Looking back at the clamorous times in the history of our nation, there have been countless heroes who rose up to the challenges and passed on legacies to their fellow citizens. Those legacies of invaluable courage and selflessness are alive even today along with the memories of those distinct individuals whose profound acts are worthy of remembrance. Such heroes include Martin Luther King Jr., Clara Barton, Susan B. Anthony, and many more.

Even though we’ve have brilliant examples of heroism in the past, the current generation of Americans has a somewhat misconstrued idea of what constitutes a hero. Nowadays, we place movie stars and other celebrities on a pedestal and exalt them as our heroes or role models. Gone are the days when a child, upon being asked to name the hero he idolized, would name Malcolm X or some other entity whose work had etched the proof of his existence in this world for decades or centuries to come. They’ve been replaced by the shining stars of Hollywood by the younger generation that is blinded by the light of celebrity fame.

There’s another batch of people who are being called heroes nowadays: fire fighters and police officers. What is it that distinguishes this group of people from others? And are they really deserving of the title of a ‘hero’?

Without a question, fire fighters and police officers work for a noble cause and they demonstrate tremendous courage while doing their job. However, one might point out that these individuals like all other upright citizens who work for their earnings, are merely offering their services in return for wages. It is their job to fight fires or regulate and prevent crime, and it is their job because they chose to do so. How can we then justify the distinction between their jobs as being those of heroism, whereas others are not?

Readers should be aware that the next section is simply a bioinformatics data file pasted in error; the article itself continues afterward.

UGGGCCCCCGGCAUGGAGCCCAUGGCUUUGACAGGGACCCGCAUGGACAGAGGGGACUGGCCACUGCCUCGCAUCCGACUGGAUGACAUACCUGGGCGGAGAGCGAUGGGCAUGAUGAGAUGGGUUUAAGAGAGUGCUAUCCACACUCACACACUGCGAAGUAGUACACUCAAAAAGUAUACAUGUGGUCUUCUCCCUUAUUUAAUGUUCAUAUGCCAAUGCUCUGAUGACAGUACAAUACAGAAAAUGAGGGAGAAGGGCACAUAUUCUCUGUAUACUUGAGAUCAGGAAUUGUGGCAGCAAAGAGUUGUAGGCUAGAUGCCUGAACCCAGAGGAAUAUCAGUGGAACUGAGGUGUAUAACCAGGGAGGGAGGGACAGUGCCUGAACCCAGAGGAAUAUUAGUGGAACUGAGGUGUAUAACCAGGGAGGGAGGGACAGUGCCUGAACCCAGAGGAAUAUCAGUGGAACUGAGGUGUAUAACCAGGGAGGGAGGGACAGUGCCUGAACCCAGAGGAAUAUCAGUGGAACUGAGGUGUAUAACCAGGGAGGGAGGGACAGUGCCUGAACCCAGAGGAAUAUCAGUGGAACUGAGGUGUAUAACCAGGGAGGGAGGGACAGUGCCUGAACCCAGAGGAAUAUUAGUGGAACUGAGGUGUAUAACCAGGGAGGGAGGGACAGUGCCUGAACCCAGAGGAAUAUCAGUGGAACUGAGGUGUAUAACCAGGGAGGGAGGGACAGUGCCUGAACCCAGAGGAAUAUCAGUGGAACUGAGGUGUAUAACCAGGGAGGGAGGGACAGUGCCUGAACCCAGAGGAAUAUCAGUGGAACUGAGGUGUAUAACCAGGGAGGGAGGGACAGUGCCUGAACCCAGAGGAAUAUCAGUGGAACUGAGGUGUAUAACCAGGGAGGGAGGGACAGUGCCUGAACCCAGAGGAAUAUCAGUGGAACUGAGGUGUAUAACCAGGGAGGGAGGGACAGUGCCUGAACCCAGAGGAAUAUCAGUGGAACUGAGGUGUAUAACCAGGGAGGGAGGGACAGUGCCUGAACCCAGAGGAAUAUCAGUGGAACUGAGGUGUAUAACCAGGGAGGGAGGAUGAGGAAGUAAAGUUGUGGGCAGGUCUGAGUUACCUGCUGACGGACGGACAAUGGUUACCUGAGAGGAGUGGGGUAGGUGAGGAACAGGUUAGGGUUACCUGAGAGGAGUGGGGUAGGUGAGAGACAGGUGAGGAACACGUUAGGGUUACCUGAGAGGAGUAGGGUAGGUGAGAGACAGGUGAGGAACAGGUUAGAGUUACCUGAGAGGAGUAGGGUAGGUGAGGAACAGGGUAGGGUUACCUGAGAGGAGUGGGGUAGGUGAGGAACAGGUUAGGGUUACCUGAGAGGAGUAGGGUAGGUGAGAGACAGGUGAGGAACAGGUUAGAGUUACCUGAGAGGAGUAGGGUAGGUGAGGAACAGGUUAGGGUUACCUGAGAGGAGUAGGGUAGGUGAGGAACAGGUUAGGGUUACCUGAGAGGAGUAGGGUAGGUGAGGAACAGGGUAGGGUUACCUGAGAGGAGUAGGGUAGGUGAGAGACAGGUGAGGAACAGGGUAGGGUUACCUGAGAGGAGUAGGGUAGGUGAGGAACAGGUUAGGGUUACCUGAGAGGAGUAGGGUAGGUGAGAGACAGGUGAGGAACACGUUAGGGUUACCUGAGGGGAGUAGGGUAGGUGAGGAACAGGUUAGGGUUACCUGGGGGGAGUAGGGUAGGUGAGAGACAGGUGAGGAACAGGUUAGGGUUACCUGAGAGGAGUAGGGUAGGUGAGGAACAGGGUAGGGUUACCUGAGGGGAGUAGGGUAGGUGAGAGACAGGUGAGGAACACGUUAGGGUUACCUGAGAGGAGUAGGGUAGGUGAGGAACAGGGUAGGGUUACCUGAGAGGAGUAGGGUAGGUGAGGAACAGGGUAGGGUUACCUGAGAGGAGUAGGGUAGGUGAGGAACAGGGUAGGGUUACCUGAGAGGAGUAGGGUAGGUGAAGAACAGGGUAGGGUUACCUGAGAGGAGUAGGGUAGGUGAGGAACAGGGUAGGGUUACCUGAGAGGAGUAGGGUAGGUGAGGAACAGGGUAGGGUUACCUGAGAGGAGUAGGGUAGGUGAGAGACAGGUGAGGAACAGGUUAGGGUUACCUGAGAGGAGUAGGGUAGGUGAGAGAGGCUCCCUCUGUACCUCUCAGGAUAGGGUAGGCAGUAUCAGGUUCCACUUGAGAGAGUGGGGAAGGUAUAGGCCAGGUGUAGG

We simply cannot. Putting certain few occupations above others devalues the importance of the rest of the trades and the people who perform them, even though all of them are paid for their services accordingly. Fire fighters and the officers on police force certainly should be lauded for their day-to-day risk-taking and bravery, but their representation of heroism is quite different and somewhat inferior when compared to the long line of heroes who’ve made an impact in the past.

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The key principles of heroism are courage, selflessness, and a lasting impact. A hero is someone larger than life, who we look up to in order to find a direction in life. They are worthy of being emulated by all generations, whose responsibility is to mold themselves into principles that those individuals possessed. Clara Barton, mentioned earlier, was the unprecedented living example of philanthropy in her time. Through her selfless services and dedication to helping the wounded troops, she founded the American Red Cross in 1881. Martin Luther King Jr., who was the God of civil rights movement, used nonviolence and his ingenious oratory skills to sway the nation into action and determination. Such are the figures worthy of being called a hero because the impact they created in their lifetime several decades ago is still alive and noticeable.

We as Americans have not been looking hard enough, or in the right places, to find our heroes for today. Nevertheless, one thing remains true: Heroes do exist in our society; we just need to look harder.

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